By Sean Fleming
Finland uses a lot less fossil fuel than most countries. But it still has a lot to do to hit its ambitious green energy targets.
The country’s commitment to biofuels is one of the chief reasons it’s ahead of many others. Finland gets 29% of all its energy needs from advanced biofuels. It also has extensive nuclear and hydro networks.
But some of its bold targets for continued fuel-use improvement call for sustained government intervention, one example being the goal of powering 30% of all transport with green energy by 2030. It also hopes to reduce personal car ownership.
These are some of the findings from the International Energy Agency (IEA), a body set up in the wake of the oil crisis of the 1970s. It has 30 member-countries and seven associates, and promotes energy security, economic development and environmental protection. Alternative energy production is one of the IEA’s key focus areas.
Powering vehicles with biofuel has been common practice in different parts of the world for years. Frequently though, such undertakings have been managed at the local or even micro-local level. From individuals having diesel vehicles converted to run on biofuel and then producing their own supply for personal consumption, through to city-wide initiatives involving public transport.
Developing alternatives is one part of the equation. Getting industry and the public to adopt them is another. Tax policy can be used by governments to make the switch to greener fuels more financially appealing. But setting up adequate supply networks may call for public investment in infrastructure, or changes to planning consent to allow construction work to take place.
Extensive supply chains and distribution networks are needed to ensure biofuel is widely available and affordable. While traditional petrol and diesel supply chains are well established, from extraction through to refinery and on to retail, no equivalent network is in place for biofuel. Establishing one may make the cost of biofuel at the pump unappealing for regular consumers, as the investment cost gets passed on.
Other areas where Finland will have to work hard include phasing out the use of coal and peat in the combined generation of heat and power (CHP), according to the IEA. The Finnish government’s participation in the Powering Past Coal initiative, which aims to encourage a shift to biomass-based CHP, is intended to address this. Part of this move will include the development of heat storage and smart meters, and more energy-efficient building design.
Currently, the US is the world’s leading producer of biofuel. It outranks the rest of the world’s biofuel production by so much that it out-produces the combined biofuel output of the other nine countries in the top 10.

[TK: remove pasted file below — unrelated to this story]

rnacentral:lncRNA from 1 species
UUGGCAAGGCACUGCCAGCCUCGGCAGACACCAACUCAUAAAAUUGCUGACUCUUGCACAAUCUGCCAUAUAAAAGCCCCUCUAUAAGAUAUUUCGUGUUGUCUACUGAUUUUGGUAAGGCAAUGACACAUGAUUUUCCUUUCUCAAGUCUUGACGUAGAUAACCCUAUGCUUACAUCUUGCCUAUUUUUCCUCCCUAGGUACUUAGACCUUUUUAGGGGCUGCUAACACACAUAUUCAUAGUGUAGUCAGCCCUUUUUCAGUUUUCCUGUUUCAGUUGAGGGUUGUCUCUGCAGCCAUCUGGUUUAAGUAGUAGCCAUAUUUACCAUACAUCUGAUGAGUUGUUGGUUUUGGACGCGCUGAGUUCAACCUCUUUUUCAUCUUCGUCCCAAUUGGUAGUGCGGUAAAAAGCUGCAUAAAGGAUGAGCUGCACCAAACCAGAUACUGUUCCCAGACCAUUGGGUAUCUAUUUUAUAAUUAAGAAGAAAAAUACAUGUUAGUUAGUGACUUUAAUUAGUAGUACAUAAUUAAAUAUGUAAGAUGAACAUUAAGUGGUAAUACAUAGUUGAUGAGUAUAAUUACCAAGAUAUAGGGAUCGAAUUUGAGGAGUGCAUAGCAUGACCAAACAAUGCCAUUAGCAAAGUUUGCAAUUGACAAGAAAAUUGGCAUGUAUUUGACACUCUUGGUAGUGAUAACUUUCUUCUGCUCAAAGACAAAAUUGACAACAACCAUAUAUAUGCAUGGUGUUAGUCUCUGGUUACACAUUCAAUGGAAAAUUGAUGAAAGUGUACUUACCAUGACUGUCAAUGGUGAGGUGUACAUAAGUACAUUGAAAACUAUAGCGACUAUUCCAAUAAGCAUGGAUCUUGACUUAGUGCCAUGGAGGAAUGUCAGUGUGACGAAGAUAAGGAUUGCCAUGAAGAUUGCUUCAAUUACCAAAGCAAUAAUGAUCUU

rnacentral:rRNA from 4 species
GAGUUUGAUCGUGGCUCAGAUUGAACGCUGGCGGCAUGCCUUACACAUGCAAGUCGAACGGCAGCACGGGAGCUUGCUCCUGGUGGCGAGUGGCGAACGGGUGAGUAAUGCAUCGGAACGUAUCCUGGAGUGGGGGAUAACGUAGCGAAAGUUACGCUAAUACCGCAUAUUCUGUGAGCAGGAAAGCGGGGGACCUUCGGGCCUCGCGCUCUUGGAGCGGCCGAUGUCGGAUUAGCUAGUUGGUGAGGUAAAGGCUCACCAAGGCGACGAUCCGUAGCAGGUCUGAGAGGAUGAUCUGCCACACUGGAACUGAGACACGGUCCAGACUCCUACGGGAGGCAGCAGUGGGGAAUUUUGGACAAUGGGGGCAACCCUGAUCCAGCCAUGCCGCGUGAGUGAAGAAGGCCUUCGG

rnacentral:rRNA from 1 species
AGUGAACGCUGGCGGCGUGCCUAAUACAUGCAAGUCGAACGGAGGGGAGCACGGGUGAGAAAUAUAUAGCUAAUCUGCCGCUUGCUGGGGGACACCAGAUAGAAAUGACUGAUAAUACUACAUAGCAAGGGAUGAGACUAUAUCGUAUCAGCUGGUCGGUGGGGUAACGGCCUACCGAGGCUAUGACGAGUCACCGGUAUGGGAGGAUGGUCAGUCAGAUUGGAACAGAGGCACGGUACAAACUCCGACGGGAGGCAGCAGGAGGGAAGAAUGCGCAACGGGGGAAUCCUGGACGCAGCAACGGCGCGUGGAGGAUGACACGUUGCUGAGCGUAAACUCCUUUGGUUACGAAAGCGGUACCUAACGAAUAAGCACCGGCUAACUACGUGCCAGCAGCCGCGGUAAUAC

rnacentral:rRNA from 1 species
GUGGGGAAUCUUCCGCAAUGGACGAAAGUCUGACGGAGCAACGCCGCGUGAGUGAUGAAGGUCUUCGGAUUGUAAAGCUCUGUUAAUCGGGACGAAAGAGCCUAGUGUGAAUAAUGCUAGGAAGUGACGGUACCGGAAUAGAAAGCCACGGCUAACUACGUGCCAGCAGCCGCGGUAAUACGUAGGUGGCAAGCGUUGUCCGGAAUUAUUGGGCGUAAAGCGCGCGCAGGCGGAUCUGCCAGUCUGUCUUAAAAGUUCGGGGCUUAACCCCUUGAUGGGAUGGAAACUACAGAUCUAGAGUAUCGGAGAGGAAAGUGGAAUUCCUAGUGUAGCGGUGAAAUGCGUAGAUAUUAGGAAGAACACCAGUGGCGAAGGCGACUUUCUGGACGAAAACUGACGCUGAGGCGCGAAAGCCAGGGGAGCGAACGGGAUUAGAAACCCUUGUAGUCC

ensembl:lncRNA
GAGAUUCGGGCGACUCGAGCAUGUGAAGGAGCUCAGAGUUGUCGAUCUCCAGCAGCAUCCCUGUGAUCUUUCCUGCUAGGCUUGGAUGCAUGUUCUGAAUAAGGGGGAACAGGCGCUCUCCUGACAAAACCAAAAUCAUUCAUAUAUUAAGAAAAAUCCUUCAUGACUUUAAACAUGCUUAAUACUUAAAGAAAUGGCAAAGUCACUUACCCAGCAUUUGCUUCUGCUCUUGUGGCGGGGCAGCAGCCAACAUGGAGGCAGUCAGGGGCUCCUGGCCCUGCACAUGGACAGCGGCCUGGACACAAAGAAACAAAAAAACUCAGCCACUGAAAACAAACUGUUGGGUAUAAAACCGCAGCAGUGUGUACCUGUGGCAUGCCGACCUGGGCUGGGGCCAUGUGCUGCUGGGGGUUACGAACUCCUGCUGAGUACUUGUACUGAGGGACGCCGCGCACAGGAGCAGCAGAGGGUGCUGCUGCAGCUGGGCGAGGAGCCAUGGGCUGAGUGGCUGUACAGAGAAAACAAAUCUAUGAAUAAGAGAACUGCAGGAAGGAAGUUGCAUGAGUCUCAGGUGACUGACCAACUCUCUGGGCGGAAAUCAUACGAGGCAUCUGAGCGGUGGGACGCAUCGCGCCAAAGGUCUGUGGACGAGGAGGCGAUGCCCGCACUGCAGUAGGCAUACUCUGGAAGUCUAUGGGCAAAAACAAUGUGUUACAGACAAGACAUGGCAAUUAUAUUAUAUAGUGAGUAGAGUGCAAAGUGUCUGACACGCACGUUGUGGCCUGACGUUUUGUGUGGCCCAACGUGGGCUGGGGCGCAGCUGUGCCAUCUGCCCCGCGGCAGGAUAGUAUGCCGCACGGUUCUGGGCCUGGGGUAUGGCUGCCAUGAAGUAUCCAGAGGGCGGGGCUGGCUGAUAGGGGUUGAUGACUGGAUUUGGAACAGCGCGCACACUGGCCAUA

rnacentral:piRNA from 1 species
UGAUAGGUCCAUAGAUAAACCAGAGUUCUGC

Countries that produced the most biofuel in 2017
Credits: World Economic Forum
The future of biofuels
Many vehicle manufacturers, such as Honda, are investing in new biofuel research and development. The Japanese industrial giant says it has found a way to produce ethanol from the inedible leaves and stalks of plants such as rice straw. However, a Finnish chemistry professor is also working on a top-secret route to creating biofuel.
Jyri-Pekka Mikkola teaches at Åbo Akademi University in Finland and Umeå University in Sweden. He’s working on a biomass-based fuel produced by mixing water and ethanol with a catalyst, that he claims has all the properties of petrol.
“If we consider how ethanol is made, it’s simply sugar, and that is the most common form of biomass these days. You can use food waste, agricultural waste, old newspapers – almost anything which contains sugars that can be fermented into ethanol, and that’s how we get what’s needed,” Mikkola told Finnish news website Yle Uutiset.
Mikkola also told Yle Uutiset that following a series of break-ins at the research facilities where his new fuel is being developed, security there has been tightened up. Mobile phones are not allowed in meetings, and until a patent has been secured for the process, the academic is staying tight-lipped on the details of how it works.
While recycling cooking oil from local takeaway stores and restaurants might be sufficient to meet the needs of the home-based biofuel evangelist, it won’t keep a country running.
Growing crops for biofuel production has raised concerns over the potential impact on biodiversity and food security. It risks pushing up consumer food prices, as it may increase competition for land and other agricultural resources.
The likely answer in the medium-term is a combination of new research-led initiatives, recycled oil, and biomass. But the coordination of these and their necessary distribution networks will require careful planning and oversight.
This article has been written by Sean Fleming, Senior Writer at the WEF’s Formative Content.
Stay updated with all the insights.
Navigate news, 1 email day.
Subscribe to Qrius